Fish in lakes feed primarily at night. They can emerge from deep water under the protection of darkness and eat all night long! Night time feeding helps with a fish’s protection and many hatches occur just as the sun is setting so this is a prime time to fish. If you are going to fish a lake during the day, consider that fish will be in areas that are shaded or in weeds. Shaded areas provide protection and allow them to get closer to the shore and weeds protect them. You can have good luck casting dry flies at dusk when you see fish starting to rise. You must have a long leader as the fish have a long time to take a look at your fly. During the day, you will have better luck casting nymphs near the shore or in the weeds. Float tubes are an inexpensive way to get started lake fishing. This is where you sit in a U-shaped inner-tube with flippers on your feet, that keeps you waist high out of the water. A more expensive water craft called water skeeters are also available. They keep you almost completely out of the water and most use oars to move around the lake.
Fly Fishing in Streams
When in streams, there is one basic rule that can help you find the right place to float your fly: cast to the foam or bubbles. Foam or bubbles are caused by a variety of ways (fast moving water, logs, rock formations). They work by creating a funnel of food indicated by the foam/bubbles and is usually located in deeper water or on a seam. You should cast you fly above the foam and let it float drag free through it. If you are casting a nymph, you must cast past the foam because your fly will sink. If you don’t, your fly will float short of the foam.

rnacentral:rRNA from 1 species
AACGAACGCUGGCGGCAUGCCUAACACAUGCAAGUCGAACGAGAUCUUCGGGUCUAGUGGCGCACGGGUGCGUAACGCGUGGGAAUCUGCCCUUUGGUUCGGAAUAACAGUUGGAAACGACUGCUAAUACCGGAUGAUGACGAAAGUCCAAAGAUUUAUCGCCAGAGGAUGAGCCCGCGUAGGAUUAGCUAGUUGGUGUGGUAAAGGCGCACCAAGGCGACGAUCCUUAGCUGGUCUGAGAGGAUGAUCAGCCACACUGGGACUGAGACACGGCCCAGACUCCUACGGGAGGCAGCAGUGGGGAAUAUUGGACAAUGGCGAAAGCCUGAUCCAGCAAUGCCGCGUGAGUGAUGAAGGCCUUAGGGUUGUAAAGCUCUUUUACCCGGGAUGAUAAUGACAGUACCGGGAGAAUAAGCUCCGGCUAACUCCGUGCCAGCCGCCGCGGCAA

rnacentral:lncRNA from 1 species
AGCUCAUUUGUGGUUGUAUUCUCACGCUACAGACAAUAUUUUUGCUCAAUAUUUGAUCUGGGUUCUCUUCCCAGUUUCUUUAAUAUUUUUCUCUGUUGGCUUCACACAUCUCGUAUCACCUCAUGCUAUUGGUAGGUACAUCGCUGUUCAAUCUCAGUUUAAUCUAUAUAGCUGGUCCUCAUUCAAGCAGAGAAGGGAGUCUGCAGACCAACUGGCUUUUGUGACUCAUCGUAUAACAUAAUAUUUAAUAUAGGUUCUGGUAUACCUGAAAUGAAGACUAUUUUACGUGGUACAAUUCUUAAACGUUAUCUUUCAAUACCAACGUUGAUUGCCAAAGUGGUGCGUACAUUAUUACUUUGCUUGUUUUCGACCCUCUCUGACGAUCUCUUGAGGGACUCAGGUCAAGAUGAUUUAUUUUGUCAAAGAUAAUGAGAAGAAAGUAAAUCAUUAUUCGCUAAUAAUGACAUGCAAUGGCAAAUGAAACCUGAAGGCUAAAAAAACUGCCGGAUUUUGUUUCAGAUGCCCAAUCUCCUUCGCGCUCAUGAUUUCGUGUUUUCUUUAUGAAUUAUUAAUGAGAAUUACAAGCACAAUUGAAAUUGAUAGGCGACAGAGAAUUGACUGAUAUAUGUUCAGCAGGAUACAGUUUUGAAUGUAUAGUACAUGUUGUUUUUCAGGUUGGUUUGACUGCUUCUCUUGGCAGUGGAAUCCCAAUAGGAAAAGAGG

Make sure you are picking the best spots to fish!
Make sure you are fishing where a riffle flows into deep water. A riffle is a shallow, choppy, fast moving part of the river. Riffles produce a lot of insect life and also oxygenate the water. Fish will be here! Cast above the deep pool and let your fly (dry or nymph) float down into the pool and be ready for a strike.
The bank provides protection and there is usually fast moving water just outside the bank. Insects like grasshoppers can fall off the bank and provide a good food source.